Although initial focus has been on PD-L1 expression in the tumor, PD-L1 is also localized with macrophages, dendritic cells, and T cells. Herbst presented data from a phase I study showing that the level of immune cell PD-L1 expression was positively associated with response to atezolizumab (Tecentriq), suggesting that immune cell PD-L1 expression also plays a role in response to anti—PD-1 therapy and should be included when determining PD-L1 status.

Herbst noted that factors outside of the tumor, such as the inflammatory state in the tumor microenvironment, likely play a role in the response to immunotherapy. A retrospective analysis of NSCLC tumor tissue samples showed that 26% tested negative for PD-L1 expression but stained positive for tumor-infiltrating lymphocytes (TILs). Furthermore, 57% of the samples tested negative for TILs, which, according to Herbst, emphasizes the importance of investigating the tumor microenvironment and activation of TILs when predicting response to immunotherapy and identifying additional immune checkpoints.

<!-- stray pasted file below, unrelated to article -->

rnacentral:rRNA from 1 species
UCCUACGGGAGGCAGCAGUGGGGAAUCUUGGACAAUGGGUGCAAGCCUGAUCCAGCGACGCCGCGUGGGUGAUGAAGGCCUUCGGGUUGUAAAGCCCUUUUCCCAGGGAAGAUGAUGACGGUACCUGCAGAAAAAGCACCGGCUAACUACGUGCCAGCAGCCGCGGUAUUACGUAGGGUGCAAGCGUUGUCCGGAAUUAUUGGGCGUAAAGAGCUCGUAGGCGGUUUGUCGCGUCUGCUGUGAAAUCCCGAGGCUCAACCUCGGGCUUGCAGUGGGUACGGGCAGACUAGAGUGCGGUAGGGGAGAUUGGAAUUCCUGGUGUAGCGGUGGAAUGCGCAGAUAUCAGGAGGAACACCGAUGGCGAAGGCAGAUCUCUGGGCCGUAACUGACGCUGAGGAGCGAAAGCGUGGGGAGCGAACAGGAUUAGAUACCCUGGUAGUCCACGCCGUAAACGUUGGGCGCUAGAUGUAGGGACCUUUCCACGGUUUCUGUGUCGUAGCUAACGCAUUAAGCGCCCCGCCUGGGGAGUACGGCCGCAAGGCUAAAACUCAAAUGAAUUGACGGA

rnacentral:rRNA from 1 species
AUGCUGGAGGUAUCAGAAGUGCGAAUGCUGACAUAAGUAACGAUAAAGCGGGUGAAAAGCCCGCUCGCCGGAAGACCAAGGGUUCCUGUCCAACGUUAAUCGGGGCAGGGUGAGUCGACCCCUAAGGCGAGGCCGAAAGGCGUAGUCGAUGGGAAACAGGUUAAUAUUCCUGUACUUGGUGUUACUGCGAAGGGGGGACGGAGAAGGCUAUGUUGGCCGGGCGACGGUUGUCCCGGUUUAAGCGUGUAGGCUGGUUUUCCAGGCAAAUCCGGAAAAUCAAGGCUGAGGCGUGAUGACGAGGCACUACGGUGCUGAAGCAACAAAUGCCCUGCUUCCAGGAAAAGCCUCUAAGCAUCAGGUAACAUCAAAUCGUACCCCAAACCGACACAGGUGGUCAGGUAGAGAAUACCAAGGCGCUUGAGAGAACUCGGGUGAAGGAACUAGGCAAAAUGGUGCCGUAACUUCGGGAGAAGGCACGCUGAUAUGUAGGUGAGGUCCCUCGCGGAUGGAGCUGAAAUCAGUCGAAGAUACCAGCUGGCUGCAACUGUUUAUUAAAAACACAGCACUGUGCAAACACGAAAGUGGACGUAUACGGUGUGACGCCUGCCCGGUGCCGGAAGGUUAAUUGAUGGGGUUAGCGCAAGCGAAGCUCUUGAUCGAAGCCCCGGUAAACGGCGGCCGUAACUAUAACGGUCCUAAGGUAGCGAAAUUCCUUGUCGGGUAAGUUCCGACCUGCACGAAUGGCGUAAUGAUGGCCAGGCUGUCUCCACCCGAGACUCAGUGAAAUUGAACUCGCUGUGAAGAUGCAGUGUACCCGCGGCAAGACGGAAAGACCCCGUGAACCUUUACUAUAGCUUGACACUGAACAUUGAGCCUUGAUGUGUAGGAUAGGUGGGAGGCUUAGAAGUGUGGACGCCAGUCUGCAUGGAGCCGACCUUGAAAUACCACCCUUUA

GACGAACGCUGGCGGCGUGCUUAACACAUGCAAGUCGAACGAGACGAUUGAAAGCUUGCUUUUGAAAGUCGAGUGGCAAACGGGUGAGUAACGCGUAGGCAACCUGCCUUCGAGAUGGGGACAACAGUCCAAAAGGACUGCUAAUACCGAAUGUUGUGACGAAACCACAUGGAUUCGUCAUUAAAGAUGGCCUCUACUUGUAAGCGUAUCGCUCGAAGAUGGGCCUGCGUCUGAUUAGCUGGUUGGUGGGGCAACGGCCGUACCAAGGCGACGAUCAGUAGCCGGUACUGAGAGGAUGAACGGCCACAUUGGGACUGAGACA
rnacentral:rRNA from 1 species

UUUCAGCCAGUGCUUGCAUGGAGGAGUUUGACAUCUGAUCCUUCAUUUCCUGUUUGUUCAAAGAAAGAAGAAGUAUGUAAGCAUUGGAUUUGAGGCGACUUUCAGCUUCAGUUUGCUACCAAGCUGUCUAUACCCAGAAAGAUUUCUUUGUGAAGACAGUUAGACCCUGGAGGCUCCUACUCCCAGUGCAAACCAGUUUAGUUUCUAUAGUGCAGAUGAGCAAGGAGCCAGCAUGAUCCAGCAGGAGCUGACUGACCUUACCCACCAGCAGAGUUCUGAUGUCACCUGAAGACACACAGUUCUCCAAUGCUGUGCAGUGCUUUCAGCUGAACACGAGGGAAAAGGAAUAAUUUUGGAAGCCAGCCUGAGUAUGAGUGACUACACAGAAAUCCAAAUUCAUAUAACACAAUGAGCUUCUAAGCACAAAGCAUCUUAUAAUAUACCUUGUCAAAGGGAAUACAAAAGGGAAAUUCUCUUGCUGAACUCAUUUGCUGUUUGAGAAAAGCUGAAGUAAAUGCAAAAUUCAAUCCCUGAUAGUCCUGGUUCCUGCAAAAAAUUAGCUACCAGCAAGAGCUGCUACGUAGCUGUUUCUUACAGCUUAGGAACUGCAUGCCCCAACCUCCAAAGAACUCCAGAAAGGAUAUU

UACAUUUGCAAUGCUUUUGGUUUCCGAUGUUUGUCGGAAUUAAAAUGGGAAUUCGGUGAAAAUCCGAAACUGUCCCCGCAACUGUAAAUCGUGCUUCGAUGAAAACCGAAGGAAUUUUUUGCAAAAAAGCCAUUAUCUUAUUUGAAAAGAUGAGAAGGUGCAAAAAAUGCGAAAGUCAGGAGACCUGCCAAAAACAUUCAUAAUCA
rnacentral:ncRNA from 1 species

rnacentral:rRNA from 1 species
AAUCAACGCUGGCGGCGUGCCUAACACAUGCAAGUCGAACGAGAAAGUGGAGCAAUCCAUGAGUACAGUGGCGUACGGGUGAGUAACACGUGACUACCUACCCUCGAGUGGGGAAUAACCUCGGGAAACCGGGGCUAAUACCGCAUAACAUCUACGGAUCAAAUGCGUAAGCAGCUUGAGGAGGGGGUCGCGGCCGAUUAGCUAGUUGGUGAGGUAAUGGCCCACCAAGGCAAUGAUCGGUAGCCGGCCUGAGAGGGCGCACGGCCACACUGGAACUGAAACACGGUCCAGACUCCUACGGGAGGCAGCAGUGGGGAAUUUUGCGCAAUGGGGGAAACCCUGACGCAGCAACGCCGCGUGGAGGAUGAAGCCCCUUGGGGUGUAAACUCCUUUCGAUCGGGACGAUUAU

Herbst also noted that characterizing patterns of immune cell response to checkpoint inhibitors in responders and nonresponders is also instrumental to describing the mechanisms of immune response and aiding in development of future clinical trials. He and his colleagues showed that responders to pembrolizumab demonstrated increases in gene expression of several enzymes involved in T cell activity, including granzymes A and B, perforin, interferon-gamma, and tumor necrosis factor, after 4 weeks of therapy.

His study also observed 3 distinct immunologic patterns in nonresponders: immunologic ignorance (no T cells before or after therapy), nonfunctional immune response (presence of PD-L1 and CD8+ T cells, but no activation of T cells with immunotherapy), and excluded infiltrate (T cells that cluster on the outer edge of the tumor cell mass). Herbst indicated that upcoming trials, 1 as one investigating pembrolizumab with ramucirumab (Cyramza), may provide insight on whether combination therapies may influence the immunologic response in the tumor microenvironment.